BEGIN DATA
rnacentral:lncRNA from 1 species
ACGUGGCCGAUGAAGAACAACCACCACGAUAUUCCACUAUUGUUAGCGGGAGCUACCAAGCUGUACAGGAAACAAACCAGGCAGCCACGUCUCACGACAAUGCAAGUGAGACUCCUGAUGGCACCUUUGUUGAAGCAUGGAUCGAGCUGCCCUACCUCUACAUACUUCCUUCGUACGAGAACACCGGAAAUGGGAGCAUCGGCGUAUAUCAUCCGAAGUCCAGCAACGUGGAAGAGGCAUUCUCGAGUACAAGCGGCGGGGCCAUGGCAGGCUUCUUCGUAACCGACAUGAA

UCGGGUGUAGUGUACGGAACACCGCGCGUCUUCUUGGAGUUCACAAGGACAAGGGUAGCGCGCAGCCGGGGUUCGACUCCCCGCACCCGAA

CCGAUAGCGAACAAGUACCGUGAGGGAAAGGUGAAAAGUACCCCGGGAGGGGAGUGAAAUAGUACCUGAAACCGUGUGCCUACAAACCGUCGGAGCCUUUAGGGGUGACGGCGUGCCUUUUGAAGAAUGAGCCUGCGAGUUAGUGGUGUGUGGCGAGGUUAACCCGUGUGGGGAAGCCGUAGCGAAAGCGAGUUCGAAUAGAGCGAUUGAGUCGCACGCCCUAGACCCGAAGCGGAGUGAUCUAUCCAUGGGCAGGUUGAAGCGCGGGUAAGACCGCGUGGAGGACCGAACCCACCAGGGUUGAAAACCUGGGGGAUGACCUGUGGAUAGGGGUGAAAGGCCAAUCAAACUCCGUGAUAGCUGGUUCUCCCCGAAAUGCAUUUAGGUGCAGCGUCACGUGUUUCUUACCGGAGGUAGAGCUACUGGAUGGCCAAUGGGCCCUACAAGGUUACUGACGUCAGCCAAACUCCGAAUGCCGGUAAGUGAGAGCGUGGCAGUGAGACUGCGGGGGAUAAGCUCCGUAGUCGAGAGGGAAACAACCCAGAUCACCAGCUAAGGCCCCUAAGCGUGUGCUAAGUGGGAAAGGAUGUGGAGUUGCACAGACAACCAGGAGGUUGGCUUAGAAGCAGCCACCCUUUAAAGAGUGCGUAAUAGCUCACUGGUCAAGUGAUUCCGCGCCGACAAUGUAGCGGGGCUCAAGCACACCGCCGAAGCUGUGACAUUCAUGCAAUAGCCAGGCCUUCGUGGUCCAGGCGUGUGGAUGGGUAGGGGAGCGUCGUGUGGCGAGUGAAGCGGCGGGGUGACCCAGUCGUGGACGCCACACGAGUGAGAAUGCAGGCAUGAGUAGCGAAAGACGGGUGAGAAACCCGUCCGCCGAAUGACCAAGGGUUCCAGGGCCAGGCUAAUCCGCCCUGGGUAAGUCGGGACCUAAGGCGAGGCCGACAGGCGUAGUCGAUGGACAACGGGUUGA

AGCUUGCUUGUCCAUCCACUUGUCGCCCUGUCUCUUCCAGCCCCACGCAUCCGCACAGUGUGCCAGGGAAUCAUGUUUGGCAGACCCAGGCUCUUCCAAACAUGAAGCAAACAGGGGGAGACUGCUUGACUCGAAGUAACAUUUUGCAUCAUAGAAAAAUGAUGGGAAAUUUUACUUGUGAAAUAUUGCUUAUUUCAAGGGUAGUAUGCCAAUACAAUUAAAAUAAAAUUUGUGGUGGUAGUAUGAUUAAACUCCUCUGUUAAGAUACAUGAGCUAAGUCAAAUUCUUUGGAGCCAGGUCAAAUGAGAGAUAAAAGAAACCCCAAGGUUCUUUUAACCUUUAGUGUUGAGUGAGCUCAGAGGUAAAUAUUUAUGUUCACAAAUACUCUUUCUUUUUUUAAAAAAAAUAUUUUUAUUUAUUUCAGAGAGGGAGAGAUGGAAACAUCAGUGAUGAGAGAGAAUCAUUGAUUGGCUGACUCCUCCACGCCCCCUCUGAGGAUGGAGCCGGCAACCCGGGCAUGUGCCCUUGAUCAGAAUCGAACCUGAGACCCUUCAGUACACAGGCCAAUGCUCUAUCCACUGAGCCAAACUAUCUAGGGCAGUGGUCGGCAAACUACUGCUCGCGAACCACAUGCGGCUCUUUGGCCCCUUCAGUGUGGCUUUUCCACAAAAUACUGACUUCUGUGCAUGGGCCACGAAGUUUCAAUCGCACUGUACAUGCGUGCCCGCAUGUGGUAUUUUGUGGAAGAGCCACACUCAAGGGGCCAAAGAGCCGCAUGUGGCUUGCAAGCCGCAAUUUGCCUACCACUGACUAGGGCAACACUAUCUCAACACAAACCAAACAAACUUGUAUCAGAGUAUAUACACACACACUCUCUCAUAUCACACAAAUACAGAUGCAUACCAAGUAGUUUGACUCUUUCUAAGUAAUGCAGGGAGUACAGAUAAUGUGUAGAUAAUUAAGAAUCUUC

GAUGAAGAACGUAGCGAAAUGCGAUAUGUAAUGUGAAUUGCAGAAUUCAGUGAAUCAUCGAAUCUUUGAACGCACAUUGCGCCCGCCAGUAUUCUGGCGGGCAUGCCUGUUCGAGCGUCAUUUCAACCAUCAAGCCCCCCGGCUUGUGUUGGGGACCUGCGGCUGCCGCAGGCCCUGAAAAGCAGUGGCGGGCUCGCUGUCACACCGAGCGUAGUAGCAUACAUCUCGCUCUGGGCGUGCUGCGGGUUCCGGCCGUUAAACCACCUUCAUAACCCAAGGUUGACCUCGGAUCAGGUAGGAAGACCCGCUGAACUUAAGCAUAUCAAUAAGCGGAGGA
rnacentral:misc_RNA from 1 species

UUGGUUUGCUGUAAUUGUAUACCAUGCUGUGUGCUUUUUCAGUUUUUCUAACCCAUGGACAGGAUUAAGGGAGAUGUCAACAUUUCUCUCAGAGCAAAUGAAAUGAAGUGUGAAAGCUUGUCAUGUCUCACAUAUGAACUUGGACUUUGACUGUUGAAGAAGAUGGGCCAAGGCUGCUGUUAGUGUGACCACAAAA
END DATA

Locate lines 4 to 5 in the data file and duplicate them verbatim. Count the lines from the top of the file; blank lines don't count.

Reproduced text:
CCGAUAGCGAACAAGUACCGUGAGGGAAAGGUGAAAAGUACCCCGGGAGGGGAGUGAAAUAGUACCUGAAACCGUGUGCCUACAAACCGUCGGAGCCUUUAGGGGUGACGGCGUGCCUUUUGAAGAAUGAGCCUGCGAGUUAGUGGUGUGUGGCGAGGUUAACCCGUGUGGGGAAGCCGUAGCGAAAGCGAGUUCGAAUAGAGCGAUUGAGUCGCACGCCCUAGACCCGAAGCGGAGUGAUCUAUCCAUGGGCAGGUUGAAGCGCGGGUAAGACCGCGUGGAGGACCGAACCCACCAGGGUUGAAAACCUGGGGGAUGACCUGUGGAUAGGGGUGAAAGGCCAAUCAAACUCCGUGAUAGCUGGUUCUCCCCGAAAUGCAUUUAGGUGCAGCGUCACGUGUUUCUUACCGGAGGUAGAGCUACUGGAUGGCCAAUGGGCCCUACAAGGUUACUGACGUCAGCCAAACUCCGAAUGCCGGUAAGUGAGAGCGUGGCAGUGAGACUGCGGGGGAUAAGCUCCGUAGUCGAGAGGGAAACAACCCAGAUCACCAGCUAAGGCCCCUAAGCGUGUGCUAAGUGGGAAAGGAUGUGGAGUUGCACAGACAACCAGGAGGUUGGCUUAGAAGCAGCCACCCUUUAAAGAGUGCGUAAUAGCUCACUGGUCAAGUGAUUCCGCGCCGACAAUGUAGCGGGGCUCAAGCACACCGCCGAAGCUGUGACAUUCAUGCAAUAGCCAGGCCUUCGUGGUCCAGGCGUGUGGAUGGGUAGGGGAGCGUCGUGUGGCGAGUGAAGCGGCGGGGUGACCCAGUCGUGGACGCCACACGAGUGAGAAUGCAGGCAUGAGUAGCGAAAGACGGGUGAGAAACCCGUCCGCCGAAUGACCAAGGGUUCCAGGGCCAGGCUAAUCCGCCCUGGGUAAGUCGGGACCUAAGGCGAGGCCGACAGGCGUAGUCGAUGGACAACGGGUUGA

AGCUUGCUUGUCCAUCCACUUGUCGCCCUGUCUCUUCCAGCCCCACGCAUCCGCACAGUGUGCCAGGGAAUCAUGUUUGGCAGACCCAGGCUCUUCCAAACAUGAAGCAAACAGGGGGAGACUGCUUGACUCGAAGUAACAUUUUGCAUCAUAGAAAAAUGAUGGGAAAUUUUACUUGUGAAAUAUUGCUUAUUUCAAGGGUAGUAUGCCAAUACAAUUAAAAUAAAAUUUGUGGUGGUAGUAUGAUUAAACUCCUCUGUUAAGAUACAUGAGCUAAGUCAAAUUCUUUGGAGCCAGGUCAAAUGAGAGAUAAAAGAAACCCCAAGGUUCUUUUAACCUUUAGUGUUGAGUGAGCUCAGAGGUAAAUAUUUAUGUUCACAAAUACUCUUUCUUUUUUUAAAAAAAAUAUUUUUAUUUAUUUCAGAGAGGGAGAGAUGGAAACAUCAGUGAUGAGAGAGAAUCAUUGAUUGGCUGACUCCUCCACGCCCCCUCUGAGGAUGGAGCCGGCAACCCGGGCAUGUGCCCUUGAUCAGAAUCGAACCUGAGACCCUUCAGUACACAGGCCAAUGCUCUAUCCACUGAGCCAAACUAUCUAGGGCAGUGGUCGGCAAACUACUGCUCGCGAACCACAUGCGGCUCUUUGGCCCCUUCAGUGUGGCUUUUCCACAAAAUACUGACUUCUGUGCAUGGGCCACGAAGUUUCAAUCGCACUGUACAUGCGUGCCCGCAUGUGGUAUUUUGUGGAAGAGCCACACUCAAGGGGCCAAAGAGCCGCAUGUGGCUUGCAAGCCGCAAUUUGCCUACCACUGACUAGGGCAACACUAUCUCAACACAAACCAAACAAACUUGUAUCAGAGUAUAUACACACACACUCUCUCAUAUCACACAAAUACAGAUGCAUACCAAGUAGUUUGACUCUUUCUAAGUAAUGCAGGGAGUACAGAUAAUGUGUAGAUAAUUAAGAAUCUUC